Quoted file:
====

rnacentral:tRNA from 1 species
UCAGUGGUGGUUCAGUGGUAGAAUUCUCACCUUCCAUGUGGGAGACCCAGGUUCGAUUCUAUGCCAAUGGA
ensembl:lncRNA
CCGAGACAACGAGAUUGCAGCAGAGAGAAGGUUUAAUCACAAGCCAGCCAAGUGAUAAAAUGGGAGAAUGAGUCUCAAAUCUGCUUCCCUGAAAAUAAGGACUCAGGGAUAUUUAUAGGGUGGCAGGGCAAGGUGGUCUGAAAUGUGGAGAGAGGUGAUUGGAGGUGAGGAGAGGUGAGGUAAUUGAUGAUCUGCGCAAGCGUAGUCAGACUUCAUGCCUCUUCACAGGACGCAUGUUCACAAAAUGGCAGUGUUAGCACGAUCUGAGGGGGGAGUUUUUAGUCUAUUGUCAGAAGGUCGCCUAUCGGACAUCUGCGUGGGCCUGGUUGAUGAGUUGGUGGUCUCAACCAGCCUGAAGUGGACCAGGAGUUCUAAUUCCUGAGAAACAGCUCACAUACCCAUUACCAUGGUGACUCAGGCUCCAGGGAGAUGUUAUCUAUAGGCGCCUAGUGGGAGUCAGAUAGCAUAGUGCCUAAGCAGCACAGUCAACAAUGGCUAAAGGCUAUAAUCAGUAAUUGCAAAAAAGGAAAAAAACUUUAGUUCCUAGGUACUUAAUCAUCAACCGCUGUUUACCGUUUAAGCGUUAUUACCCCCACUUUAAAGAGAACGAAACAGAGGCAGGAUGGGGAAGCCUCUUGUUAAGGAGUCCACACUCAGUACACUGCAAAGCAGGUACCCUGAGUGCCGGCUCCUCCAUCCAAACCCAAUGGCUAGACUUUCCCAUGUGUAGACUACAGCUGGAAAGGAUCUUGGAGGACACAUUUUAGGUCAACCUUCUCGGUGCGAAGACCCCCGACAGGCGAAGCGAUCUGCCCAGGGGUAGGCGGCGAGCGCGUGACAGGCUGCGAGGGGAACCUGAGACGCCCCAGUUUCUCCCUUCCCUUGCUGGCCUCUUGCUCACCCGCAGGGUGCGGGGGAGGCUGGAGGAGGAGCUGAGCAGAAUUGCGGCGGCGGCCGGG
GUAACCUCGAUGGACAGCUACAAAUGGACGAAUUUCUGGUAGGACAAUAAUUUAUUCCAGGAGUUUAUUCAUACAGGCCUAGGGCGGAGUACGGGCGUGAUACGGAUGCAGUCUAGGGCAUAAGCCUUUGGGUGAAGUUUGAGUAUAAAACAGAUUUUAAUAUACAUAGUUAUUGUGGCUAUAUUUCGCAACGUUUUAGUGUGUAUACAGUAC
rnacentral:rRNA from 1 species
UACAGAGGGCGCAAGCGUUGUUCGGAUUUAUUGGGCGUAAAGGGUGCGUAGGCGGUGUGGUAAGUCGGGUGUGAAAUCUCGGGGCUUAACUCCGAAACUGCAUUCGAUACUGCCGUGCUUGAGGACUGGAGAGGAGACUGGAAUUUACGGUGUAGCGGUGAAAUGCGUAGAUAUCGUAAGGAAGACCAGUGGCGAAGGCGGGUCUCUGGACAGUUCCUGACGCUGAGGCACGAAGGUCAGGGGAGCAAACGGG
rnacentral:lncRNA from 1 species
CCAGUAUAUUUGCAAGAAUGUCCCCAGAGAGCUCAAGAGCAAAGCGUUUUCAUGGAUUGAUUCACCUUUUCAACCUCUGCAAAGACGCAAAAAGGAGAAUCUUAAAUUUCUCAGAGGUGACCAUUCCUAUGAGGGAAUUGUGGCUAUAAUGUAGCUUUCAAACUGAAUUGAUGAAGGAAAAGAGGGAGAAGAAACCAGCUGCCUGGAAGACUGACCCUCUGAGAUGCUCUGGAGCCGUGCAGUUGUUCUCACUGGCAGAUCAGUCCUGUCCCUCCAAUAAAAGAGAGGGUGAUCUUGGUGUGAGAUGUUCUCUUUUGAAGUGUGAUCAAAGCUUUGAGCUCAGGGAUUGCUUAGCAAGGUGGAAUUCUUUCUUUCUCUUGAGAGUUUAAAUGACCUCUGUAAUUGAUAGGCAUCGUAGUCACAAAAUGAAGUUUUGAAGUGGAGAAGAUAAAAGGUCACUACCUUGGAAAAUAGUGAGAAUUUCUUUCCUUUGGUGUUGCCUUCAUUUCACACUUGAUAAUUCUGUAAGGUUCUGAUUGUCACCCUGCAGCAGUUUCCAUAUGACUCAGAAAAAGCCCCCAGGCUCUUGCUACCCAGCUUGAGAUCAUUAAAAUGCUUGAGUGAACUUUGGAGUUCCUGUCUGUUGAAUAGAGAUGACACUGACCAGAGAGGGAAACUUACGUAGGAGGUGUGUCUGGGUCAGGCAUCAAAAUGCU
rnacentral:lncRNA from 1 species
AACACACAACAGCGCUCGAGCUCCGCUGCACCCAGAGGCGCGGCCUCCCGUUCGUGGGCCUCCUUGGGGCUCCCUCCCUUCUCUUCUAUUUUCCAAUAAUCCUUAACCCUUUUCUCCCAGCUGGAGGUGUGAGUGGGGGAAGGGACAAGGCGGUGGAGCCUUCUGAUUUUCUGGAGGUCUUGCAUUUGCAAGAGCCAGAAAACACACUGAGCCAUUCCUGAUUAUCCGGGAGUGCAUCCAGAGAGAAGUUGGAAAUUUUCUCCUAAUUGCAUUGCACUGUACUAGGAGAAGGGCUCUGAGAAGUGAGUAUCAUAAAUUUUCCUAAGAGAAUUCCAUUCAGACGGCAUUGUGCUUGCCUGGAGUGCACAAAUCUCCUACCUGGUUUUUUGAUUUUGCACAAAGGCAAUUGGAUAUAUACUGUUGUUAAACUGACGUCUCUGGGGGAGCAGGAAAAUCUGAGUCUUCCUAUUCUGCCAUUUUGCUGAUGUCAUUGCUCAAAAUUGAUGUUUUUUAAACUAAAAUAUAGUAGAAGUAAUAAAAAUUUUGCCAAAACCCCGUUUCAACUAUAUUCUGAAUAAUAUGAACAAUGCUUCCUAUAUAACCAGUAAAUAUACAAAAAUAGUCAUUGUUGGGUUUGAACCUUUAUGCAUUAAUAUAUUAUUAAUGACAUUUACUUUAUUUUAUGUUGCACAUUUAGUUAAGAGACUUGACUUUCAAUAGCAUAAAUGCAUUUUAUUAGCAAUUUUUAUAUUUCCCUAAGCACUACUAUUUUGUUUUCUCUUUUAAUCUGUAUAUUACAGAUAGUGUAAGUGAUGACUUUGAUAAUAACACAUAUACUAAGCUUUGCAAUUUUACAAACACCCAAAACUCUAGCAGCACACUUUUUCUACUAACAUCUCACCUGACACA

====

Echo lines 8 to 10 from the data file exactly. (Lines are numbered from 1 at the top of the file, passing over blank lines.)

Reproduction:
rnacentral:lncRNA from 1 species
CCAGUAUAUUUGCAAGAAUGUCCCCAGAGAGCUCAAGAGCAAAGCGUUUUCAUGGAUUGAUUCACCUUUUCAACCUCUGCAAAGACGCAAAAAGGAGAAUCUUAAAUUUCUCAGAGGUGACCAUUCCUAUGAGGGAAUUGUGGCUAUAAUGUAGCUUUCAAACUGAAUUGAUGAAGGAAAAGAGGGAGAAGAAACCAGCUGCCUGGAAGACUGACCCUCUGAGAUGCUCUGGAGCCGUGCAGUUGUUCUCACUGGCAGAUCAGUCCUGUCCCUCCAAUAAAAGAGAGGGUGAUCUUGGUGUGAGAUGUUCUCUUUUGAAGUGUGAUCAAAGCUUUGAGCUCAGGGAUUGCUUAGCAAGGUGGAAUUCUUUCUUUCUCUUGAGAGUUUAAAUGACCUCUGUAAUUGAUAGGCAUCGUAGUCACAAAAUGAAGUUUUGAAGUGGAGAAGAUAAAAGGUCACUACCUUGGAAAAUAGUGAGAAUUUCUUUCCUUUGGUGUUGCCUUCAUUUCACACUUGAUAAUUCUGUAAGGUUCUGAUUGUCACCCUGCAGCAGUUUCCAUAUGACUCAGAAAAAGCCCCCAGGCUCUUGCUACCCAGCUUGAGAUCAUUAAAAUGCUUGAGUGAACUUUGGAGUUCCUGUCUGUUGAAUAGAGAUGACACUGACCAGAGAGGGAAACUUACGUAGGAGGUGUGUCUGGGUCAGGCAUCAAAAUGCU
rnacentral:lncRNA from 1 species